6 things a mother-in-law should never do

Posted May 18

Are you guilty of any of these mother-in-law don'ts? If so, it might be time to change how you do things. (Deseret Photo)

When your child is engaged or seriously dating someone, it is a mother’s duty to ask questions, probe, observe and give advice. But once they are married, it is time to support and embrace that new member into your family. Your days of helping them to decide if this is the one for them are over. They have chosen. Short of them being in a dangerous situation that they may need help getting out of, it’s time to switch from advising them, to supporting them.

To fully support their choice, you definitely don’t want to be doing any of the following 6 things:

1. Make critiques

Whether your child has been married 1 month or 20 years, critiquing their spouse should really be avoided. If the food is burnt, the house a mess, or your grandchild is questionably dressed, leave it alone. It only causes hurt feelings, makes them feel like they are not good enough and will not live up to your standards.

2. Expect your relationship with your child to be the same

When your child gets married, it is a huge change for everyone. They are adjusting to a new spouse, a new way of living, and they are focused on this new type of relationship. It may seem they distance themselves from you for a while as they get used to being married. This is natural. Your relationship with them will not be the same as it was before. Try to embrace the new member of your family and enjoy seeing their relationship grow and develop.

3. Take sides

One thing you should try not to do is take sides. When your child is arguing with their spouse, stay out of it. You can be a shoulder to cry on, a listening ear, and perhaps give advice (if asked) but never say who is right and who is wrong. Never chose sides even if your child asks you to. It may come back to haunt you. You may say something you cannot take back in the heat of the moment. It is easier for your child to forgive and move on than it is for their spouse.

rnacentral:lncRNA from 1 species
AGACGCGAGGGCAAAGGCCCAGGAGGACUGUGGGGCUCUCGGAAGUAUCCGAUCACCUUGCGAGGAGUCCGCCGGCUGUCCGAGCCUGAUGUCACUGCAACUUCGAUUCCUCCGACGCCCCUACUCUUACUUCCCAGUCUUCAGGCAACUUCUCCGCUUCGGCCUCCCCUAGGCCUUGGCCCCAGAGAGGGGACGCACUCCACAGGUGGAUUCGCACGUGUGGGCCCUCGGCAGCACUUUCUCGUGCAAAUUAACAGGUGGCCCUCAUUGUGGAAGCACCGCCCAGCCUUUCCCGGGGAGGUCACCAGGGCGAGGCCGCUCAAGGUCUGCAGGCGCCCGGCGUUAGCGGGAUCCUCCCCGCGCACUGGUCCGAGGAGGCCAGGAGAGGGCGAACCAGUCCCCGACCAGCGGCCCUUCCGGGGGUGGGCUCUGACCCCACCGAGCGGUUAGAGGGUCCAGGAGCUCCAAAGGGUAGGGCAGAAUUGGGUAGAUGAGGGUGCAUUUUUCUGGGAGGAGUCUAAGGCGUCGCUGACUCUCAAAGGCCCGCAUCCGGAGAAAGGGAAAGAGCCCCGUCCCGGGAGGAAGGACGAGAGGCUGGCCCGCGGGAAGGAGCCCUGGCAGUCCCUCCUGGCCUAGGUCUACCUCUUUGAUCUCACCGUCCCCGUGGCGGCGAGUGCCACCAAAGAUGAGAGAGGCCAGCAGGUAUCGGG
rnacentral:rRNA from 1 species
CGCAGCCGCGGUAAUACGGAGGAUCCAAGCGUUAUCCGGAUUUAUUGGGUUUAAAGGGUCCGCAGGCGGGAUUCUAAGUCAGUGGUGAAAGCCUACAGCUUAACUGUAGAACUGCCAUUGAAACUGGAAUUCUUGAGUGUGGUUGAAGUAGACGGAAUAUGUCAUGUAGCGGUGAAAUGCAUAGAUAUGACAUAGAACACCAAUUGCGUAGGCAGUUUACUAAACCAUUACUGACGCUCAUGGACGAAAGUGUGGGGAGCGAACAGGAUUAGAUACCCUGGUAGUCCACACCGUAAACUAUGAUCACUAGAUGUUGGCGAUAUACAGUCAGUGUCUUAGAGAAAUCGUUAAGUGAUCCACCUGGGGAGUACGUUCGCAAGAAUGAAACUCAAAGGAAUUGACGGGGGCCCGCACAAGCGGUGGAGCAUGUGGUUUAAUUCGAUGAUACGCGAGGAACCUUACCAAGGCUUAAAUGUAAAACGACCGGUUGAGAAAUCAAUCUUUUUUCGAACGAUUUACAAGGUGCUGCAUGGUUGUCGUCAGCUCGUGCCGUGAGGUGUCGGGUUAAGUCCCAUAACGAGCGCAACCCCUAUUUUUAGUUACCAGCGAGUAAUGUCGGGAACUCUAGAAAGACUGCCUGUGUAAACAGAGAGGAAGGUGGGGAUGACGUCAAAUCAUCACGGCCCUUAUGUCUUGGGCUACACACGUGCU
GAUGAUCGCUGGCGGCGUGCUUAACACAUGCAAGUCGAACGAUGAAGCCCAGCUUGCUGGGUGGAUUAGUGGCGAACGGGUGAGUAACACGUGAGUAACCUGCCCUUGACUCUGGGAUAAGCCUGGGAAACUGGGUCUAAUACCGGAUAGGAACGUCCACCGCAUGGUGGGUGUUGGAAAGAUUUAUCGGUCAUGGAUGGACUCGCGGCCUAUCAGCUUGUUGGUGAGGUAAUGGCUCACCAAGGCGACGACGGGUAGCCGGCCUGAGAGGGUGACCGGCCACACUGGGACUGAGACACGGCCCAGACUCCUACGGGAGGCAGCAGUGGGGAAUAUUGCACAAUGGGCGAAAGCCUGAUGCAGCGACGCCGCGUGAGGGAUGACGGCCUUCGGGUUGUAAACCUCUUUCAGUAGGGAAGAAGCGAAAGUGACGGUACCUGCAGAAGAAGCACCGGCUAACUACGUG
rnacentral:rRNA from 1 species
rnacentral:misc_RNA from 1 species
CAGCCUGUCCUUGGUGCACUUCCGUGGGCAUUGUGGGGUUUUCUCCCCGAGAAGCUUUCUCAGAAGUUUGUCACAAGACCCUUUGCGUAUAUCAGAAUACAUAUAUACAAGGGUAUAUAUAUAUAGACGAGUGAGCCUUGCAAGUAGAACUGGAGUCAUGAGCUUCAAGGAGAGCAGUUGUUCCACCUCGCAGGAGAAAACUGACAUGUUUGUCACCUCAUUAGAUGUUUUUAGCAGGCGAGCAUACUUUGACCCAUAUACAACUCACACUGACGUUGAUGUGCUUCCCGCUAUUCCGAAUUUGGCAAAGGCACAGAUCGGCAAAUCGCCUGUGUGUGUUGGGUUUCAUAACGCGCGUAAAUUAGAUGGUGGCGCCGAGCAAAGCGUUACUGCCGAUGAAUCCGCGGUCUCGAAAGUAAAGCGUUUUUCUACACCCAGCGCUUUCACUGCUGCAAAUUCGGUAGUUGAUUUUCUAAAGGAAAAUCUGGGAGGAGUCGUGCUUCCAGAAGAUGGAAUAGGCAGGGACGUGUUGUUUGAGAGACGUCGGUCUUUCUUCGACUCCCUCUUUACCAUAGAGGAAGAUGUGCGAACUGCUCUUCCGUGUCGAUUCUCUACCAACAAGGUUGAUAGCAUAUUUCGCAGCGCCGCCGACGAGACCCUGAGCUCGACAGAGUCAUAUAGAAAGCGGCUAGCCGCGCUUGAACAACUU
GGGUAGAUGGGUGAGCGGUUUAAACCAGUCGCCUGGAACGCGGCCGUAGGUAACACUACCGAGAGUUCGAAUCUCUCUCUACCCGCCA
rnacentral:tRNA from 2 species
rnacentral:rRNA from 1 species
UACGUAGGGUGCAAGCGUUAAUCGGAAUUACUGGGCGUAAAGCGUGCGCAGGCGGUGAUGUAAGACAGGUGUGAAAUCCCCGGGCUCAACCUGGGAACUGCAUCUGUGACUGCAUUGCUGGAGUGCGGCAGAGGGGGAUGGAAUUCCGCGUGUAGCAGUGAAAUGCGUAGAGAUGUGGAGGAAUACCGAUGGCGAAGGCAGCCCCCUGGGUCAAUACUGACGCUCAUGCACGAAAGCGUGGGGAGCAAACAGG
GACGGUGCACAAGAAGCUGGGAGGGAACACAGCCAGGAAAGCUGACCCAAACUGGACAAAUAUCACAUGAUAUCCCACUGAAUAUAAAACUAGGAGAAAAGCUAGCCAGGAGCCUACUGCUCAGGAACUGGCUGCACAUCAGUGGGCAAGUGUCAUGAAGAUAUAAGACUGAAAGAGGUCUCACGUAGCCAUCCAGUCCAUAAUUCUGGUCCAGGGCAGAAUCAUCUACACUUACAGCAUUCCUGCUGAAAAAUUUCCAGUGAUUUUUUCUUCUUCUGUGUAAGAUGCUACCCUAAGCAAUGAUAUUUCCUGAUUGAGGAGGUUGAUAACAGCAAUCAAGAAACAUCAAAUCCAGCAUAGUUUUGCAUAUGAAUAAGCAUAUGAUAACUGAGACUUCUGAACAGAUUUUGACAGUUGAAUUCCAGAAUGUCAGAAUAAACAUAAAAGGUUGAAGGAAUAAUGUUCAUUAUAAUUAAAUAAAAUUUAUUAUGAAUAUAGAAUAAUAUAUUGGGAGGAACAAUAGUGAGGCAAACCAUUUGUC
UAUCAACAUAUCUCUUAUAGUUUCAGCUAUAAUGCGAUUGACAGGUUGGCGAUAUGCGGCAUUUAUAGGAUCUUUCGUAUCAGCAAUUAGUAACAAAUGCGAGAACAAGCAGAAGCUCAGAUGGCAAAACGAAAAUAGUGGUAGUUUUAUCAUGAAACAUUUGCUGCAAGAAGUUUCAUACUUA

4. Overstep your bounds

Sometimes your married children really need you. Just because they are married does not change that they are your child, but there are certain lines that you should not cross.

If you are concerned about something you see happening, ask yourself if it is really important enough to address. Does it really matter? Is it a big enough deal that you’re willing to put your relationship with your child and their spouse at risk? Just think about it first.

Does the way she fold the towels really matter that much? Does the meal he cooked you really need more flavor? If you cross that line, there is no going back. Some people have a great relationship with their in-laws and feel comfortable enough to say exactly what is on their mind, but others don’t. Tread carefully.

5. Expect to spend every holiday together

When your child gets married, they now have 2 sets of parents to spend their time with. They also have their own little family. If you get upset that they choose the other in-laws over you, or even choose to celebrate a holiday with just their own kids and each other, it can cause problems. Try to understand that they are not trying to hurt you. You may have to learn to take turns, or work out a time you can celebrate with them on another day than the actual holiday.

6. Talk bad about them to your child

If your child is talking bad about their spouse to you, it does not mean you can talk bad about them as well. If their spouse finds out what you said, it can ruin your relationship. Your child may also take offense at someone else talking bad about their spouse and hold a grudge or get upset and cause you to drift apart.

Having a good relationship with your daughter/son-in-law is vital to how the relationship with your child will be in the future. You may not be their best friend, but it is important they know you support them, you love them, and you are happy they are in your family.

Megan Shauri graduated with a bachelors in Anthropology and a masters in Psychology. She lives in Orange County, CA and is a mother of twins. Contact her at


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